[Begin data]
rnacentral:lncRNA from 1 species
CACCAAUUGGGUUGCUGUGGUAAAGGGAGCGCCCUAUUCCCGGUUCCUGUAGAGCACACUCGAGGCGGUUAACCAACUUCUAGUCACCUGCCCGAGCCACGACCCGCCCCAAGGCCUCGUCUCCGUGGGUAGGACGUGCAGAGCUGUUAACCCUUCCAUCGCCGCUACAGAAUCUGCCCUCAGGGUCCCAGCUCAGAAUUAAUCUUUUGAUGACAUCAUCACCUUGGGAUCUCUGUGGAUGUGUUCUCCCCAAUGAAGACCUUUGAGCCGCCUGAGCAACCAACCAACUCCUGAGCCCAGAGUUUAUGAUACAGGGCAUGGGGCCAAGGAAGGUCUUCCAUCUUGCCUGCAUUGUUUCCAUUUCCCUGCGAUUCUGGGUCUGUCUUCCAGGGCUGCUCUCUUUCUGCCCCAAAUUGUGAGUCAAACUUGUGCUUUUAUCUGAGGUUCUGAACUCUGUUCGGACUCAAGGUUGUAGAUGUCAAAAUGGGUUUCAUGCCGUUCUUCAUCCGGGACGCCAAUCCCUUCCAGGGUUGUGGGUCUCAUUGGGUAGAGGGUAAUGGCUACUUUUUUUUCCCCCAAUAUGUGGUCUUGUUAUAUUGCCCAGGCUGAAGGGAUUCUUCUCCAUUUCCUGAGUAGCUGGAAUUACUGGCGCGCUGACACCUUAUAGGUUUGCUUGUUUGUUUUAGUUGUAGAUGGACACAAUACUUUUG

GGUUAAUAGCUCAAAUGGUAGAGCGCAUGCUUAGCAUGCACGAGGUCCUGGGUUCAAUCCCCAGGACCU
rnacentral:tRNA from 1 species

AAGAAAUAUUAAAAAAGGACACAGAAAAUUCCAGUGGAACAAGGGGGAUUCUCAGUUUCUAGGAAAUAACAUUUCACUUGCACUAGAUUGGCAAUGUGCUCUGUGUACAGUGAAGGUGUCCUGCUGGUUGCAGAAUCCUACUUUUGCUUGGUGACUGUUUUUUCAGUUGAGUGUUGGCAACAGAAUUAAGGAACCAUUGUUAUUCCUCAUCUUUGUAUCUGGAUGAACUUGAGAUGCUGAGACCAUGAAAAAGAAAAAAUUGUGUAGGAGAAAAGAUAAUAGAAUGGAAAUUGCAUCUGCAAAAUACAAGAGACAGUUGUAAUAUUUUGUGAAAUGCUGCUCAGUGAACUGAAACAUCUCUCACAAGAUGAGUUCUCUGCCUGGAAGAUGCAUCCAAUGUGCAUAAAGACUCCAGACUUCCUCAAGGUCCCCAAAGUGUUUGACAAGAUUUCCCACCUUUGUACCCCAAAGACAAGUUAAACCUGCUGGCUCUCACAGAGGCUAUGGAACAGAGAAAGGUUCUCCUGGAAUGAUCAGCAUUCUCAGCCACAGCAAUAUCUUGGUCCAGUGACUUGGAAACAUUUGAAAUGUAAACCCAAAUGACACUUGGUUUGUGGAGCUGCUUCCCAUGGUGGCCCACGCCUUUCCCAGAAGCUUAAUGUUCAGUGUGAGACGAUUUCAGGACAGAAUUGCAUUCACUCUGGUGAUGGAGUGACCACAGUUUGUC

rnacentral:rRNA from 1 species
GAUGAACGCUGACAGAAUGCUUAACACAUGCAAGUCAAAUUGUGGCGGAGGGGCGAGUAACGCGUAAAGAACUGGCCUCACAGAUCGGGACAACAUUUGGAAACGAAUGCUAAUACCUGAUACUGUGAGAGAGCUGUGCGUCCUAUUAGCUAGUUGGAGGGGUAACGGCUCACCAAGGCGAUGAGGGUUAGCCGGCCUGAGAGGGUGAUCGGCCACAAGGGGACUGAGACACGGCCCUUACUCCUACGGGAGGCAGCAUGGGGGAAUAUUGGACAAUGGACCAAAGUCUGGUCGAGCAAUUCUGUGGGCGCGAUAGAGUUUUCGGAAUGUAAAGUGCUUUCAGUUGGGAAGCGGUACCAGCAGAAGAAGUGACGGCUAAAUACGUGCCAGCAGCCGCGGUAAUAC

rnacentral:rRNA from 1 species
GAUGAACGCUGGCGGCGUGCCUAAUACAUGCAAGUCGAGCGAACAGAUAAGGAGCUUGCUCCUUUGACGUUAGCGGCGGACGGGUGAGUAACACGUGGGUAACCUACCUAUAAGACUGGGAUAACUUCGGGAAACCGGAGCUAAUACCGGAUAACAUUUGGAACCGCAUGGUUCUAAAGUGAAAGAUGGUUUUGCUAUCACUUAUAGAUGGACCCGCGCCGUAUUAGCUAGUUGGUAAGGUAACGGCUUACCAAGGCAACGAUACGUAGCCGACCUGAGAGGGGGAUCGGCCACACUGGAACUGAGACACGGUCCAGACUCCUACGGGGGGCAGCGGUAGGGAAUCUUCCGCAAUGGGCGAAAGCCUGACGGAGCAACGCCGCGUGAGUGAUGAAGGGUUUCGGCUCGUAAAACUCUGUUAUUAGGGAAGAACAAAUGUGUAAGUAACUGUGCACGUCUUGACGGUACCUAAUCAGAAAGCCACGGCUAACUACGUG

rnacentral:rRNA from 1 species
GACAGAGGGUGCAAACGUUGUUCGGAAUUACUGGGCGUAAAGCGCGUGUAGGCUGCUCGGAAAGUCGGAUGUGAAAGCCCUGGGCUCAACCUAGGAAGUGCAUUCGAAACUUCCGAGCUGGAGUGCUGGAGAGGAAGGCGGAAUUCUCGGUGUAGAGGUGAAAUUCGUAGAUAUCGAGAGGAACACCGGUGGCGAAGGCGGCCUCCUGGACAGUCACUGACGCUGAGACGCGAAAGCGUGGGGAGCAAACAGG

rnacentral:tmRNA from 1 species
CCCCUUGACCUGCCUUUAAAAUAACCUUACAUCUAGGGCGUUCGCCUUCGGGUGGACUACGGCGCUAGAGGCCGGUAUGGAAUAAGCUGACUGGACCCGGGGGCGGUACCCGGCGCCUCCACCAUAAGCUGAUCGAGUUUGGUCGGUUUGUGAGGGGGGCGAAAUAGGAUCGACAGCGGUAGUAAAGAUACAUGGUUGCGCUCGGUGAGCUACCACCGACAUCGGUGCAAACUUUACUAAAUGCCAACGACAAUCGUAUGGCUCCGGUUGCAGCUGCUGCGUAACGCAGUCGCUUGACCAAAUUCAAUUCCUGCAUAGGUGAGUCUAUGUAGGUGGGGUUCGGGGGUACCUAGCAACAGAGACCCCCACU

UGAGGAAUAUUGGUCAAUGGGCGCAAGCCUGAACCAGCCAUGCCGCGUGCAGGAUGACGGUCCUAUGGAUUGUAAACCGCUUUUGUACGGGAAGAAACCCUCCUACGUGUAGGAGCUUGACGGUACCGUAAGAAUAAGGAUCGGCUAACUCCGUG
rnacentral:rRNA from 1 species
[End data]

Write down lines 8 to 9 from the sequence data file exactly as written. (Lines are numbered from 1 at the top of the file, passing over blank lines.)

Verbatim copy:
rnacentral:rRNA from 1 species
GAUGAACGCUGGCGGCGUGCCUAAUACAUGCAAGUCGAGCGAACAGAUAAGGAGCUUGCUCCUUUGACGUUAGCGGCGGACGGGUGAGUAACACGUGGGUAACCUACCUAUAAGACUGGGAUAACUUCGGGAAACCGGAGCUAAUACCGGAUAACAUUUGGAACCGCAUGGUUCUAAAGUGAAAGAUGGUUUUGCUAUCACUUAUAGAUGGACCCGCGCCGUAUUAGCUAGUUGGUAAGGUAACGGCUUACCAAGGCAACGAUACGUAGCCGACCUGAGAGGGGGAUCGGCCACACUGGAACUGAGACACGGUCCAGACUCCUACGGGGGGCAGCGGUAGGGAAUCUUCCGCAAUGGGCGAAAGCCUGACGGAGCAACGCCGCGUGAGUGAUGAAGGGUUUCGGCUCGUAAAACUCUGUUAUUAGGGAAGAACAAAUGUGUAAGUAACUGUGCACGUCUUGACGGUACCUAAUCAGAAAGCCACGGCUAACUACGUG